“The classroom provided a safe space to unpack all that I was seeing and feeling and to be a better advocate in my own community and among peers. Race and Capitalism in the U.S., in particular, provided answers to some of those bigger questions. The course clarified how power has been historically produced, and in turn, how power is reproduced over time and into today to make us these products of our past,” Cantrell says.

William Horne, PhD, the Arthur J. Ennis Post-doctoral Fellow in the Humanities, taught the Race and Capitalism in the U.S. course was impressed by Cantrell’s scholarship and desire to affect change. 

“Krista is an incredible student and asset to our Villanova community, not only for her rigorous analysis but also for her commitment to putting her research into practice,” Dr. Horne says. “Krista's scholarship, organizing and labor perfectly embody the famous line from Marx: ‘The philosophers have only interpreted the world, in various ways; the point is to change it.’ Krista applies her research to make our larger community a better place. I cannot think of a better reflection of our intellectual community than that.”

Cantrell’s academic excellence led to her induction into the National Honor Society of the Association of Graduate Liberal Studies Programs (AGLSP) in December 2022.

“I’ll never forget the moment I was virtually defending my thesis and the committee returned from their meeting to let me know I’d passed with distinction. It was so special. All the hard work to get there finally paid off,” Cantrell says. “Being inducted into the AGLSP Honor Society feels like the cherry on top because it reflects one of my deepest convictions, which is the unending value of a liberal arts education. I see now in retrospect that my love of learning has acted like this magic sticky glue that held me together throughout every chapter of my adult life. As I told my defense committee while we were wrapping up, a truism for me continues to be that the liberal arts doesn’t teach us what to think; it shows us how to think. Because of my studies, I have a deeper understanding of who I am and where my place is in relation to others. The lifelong process of applying that knowledge and integrating those concepts into my own little orbit gives me the freedom to lead a more wholesome, moral, and values-driven life.”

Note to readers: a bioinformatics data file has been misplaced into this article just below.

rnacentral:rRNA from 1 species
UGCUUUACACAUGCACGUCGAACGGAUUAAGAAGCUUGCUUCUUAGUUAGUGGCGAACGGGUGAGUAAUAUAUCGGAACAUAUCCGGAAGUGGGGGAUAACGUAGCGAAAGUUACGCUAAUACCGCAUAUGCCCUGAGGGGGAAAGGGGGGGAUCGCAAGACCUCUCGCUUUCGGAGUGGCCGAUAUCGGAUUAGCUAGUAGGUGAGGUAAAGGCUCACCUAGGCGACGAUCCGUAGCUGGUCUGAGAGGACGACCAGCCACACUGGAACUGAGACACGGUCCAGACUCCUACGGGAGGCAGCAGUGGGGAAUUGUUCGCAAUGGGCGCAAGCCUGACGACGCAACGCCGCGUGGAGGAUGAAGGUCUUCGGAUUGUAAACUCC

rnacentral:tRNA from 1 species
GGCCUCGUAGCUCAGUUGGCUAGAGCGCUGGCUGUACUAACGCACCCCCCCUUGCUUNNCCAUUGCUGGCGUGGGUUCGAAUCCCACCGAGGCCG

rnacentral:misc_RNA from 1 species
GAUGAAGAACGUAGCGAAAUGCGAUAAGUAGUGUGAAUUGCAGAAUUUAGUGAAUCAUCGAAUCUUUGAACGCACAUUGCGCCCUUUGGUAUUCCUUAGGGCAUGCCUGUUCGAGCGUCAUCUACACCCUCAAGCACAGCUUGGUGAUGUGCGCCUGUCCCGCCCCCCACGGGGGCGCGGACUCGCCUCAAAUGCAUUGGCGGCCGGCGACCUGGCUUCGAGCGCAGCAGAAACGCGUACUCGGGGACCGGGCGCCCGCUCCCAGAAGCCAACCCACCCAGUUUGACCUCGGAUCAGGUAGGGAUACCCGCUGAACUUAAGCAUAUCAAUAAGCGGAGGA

Emory Woodard IV, PhD, Dean of Graduate Studies in the College of Liberal Arts and Sciences, notes that the AGLSP Honor Society requires that inductees not only distinguish themselves academically but also in the greater community.

“Krista’s leadership in both areas weds her interdisciplinary interests with her commitment to igniting the meaningful change our program promotes,” Dean Woodard says. “She exemplifies the goals of our graduate Liberal Studies program, a marquee experience that celebrates the liberal arts tradition of our College.”

Says Cantrell, “In a world that feels increasingly fractured and divided, a liberal arts education is more important than ever. Sharing discourse, sitting through discomfort and asking tough questions creates opportunities for compassionate solutions and positive movement. That’s pretty much all I could ever want or hope for.”